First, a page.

Seven of the top 10 most profitable hospitals in the United States are nonprofit facilities that each netted more than $150 million from caring for patients in 2013, according to a study published Monday.

Topping the list is Gunderson Lutheran Medical Center in La Crosse, Wis., which earned $302.5 million in profit from patient-care services that year, according to researchers from the Johns Hopkins Bloomberg School of Public Health and Washington and Lee University.

Other nonprofits in the top 10 include the Stanford Hospital in Palo Alto, Calif., which took in nearly $225 million, and the University of Pennsylvania’s hospital in Philadelphia, which earned $184.5 million.

“Most hospitals lose money, but there are a few very profitable ones and we need to pay attention to why they are making so much” and how it affects consumers, said lead author Gerard Anderson, a Hopkins health policy professor.

In study in Health Affairs, Anderson and co-author Ge Bai, an assistant accounting professor at Washington and Lee, analyzed only net income for patient-care services for fiscal 2013, the most recent year for which data were available. They didn’t include profits that hospitals earn from other activities, such as donations, investments, parking fees, rental space and sales from gift shops, which often are used to subsidize patient care.

“All hospitals should make a little profit,” Bai said, “but some hospitals are obtaining outrageous profits.”

In a statement, Gundersen said the report does not reflect its costs as an integrated health system in a largely rural, multistate region with a large Medicare population. It said the data used by the authors excluded some administrative and other costs that would have changed the medical center’s ranking.

The study’s main purpose was to determine the characteristics of the nation’s most profitable hospitals. They found that facilities that were part of a system were more profitable because they were able to dominate their local market, which gives them greater clout in negotiating higher prices from private insurers. It also means consumers end up paying more if their health-care provider is out of network, Anderson said.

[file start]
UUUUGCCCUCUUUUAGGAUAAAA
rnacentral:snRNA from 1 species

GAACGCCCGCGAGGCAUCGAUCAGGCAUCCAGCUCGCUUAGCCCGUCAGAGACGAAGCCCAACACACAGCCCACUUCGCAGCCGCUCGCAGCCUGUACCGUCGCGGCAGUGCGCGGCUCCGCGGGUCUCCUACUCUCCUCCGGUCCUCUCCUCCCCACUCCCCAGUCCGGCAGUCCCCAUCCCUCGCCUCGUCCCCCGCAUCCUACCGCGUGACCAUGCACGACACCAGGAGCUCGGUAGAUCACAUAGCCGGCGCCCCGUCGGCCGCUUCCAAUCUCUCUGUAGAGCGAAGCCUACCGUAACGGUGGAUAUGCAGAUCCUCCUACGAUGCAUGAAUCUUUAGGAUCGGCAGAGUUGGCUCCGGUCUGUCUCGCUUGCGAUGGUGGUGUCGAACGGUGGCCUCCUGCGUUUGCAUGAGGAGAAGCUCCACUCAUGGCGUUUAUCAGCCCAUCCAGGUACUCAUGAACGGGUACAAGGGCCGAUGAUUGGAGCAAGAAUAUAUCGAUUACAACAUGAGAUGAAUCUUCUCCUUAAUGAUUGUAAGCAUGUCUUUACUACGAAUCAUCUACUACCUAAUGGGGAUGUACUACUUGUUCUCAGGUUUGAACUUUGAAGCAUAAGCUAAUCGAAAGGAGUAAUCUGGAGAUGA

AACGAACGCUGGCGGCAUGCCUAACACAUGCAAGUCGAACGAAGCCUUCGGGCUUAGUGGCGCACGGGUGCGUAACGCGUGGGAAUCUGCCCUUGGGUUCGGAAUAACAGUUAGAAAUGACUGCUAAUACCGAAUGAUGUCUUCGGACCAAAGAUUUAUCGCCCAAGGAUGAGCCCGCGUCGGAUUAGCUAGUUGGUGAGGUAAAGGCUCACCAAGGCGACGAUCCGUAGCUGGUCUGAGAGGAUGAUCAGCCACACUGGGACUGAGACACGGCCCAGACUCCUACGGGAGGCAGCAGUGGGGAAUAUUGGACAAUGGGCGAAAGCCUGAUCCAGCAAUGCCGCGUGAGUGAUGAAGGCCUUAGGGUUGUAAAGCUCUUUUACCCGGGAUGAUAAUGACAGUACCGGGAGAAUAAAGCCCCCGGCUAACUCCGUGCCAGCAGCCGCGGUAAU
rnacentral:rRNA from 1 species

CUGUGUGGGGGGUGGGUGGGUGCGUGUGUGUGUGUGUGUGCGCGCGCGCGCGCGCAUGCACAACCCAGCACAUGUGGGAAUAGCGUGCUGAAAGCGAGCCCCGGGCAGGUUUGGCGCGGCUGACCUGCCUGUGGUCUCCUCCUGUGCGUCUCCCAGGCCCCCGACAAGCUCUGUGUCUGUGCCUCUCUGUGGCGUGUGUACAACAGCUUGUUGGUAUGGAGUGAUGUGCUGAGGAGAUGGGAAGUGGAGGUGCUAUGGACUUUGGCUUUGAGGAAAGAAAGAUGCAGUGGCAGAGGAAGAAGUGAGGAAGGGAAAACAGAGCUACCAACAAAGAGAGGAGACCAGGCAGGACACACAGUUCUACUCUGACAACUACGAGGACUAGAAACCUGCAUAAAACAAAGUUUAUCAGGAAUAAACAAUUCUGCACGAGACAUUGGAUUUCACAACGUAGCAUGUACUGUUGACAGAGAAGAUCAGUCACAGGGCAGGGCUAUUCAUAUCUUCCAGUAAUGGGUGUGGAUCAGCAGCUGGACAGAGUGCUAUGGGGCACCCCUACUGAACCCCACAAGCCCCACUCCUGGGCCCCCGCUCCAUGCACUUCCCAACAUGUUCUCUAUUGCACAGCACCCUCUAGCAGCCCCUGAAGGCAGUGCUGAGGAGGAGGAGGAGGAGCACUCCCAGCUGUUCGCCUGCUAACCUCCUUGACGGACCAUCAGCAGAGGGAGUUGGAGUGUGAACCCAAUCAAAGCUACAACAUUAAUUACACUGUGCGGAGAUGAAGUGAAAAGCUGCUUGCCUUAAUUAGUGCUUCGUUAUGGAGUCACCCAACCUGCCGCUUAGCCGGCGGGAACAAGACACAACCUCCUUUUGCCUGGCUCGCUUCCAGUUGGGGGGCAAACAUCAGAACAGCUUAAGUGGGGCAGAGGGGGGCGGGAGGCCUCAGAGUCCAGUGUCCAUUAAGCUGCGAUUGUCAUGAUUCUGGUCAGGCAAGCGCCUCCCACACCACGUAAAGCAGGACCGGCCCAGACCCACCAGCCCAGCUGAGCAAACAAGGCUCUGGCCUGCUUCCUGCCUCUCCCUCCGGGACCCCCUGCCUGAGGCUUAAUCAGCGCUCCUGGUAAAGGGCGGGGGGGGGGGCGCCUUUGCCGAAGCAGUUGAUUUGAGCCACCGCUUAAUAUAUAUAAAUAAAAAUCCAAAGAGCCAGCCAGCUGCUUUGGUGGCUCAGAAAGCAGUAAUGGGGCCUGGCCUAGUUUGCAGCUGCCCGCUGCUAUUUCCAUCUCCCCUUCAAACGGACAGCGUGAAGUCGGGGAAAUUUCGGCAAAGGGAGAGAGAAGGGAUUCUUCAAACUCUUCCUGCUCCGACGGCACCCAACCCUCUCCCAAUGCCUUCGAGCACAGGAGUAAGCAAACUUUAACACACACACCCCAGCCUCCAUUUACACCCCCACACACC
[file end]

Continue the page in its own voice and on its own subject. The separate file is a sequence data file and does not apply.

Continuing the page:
The hospitals with the highest price markups earned the largest profits. Anderson thinks they should lower their prices or plow more back into the communities.

“Mostly, the hospitals are able to charge more because they can, and they do,” he said. “There’s no need for nonprofit hospitals to earn substantial profits.”

Hospitals are among the largest property owners and employers in many communities. Those designated as nonprofits receive state and federal tax breaks for providing “charity care and community benefit.”

The value of tax breaks for nonprofit hospitals has doubled over the past decade, research shows, adding fuel to a longstanding debate on whether the facilities give back enough to the public. The report suggests that policymakers consider whether nonprofit hospitals should be required to invest profits in additional services or lower their prices to justify their tax-exempt status.

The authors analyzed Medicare data for about 3,000 acute care hospitals, of which 59 percent were nonprofit, 25 percent were for-profit and 16 percent were public. After adjusting for cost of living and the types of patients served, they found that more than half of all facilities lost money on patient-care services. Rural hospitals, small hospitals and major teaching hospitals tended to lose more money than urban hospitals and larger ones.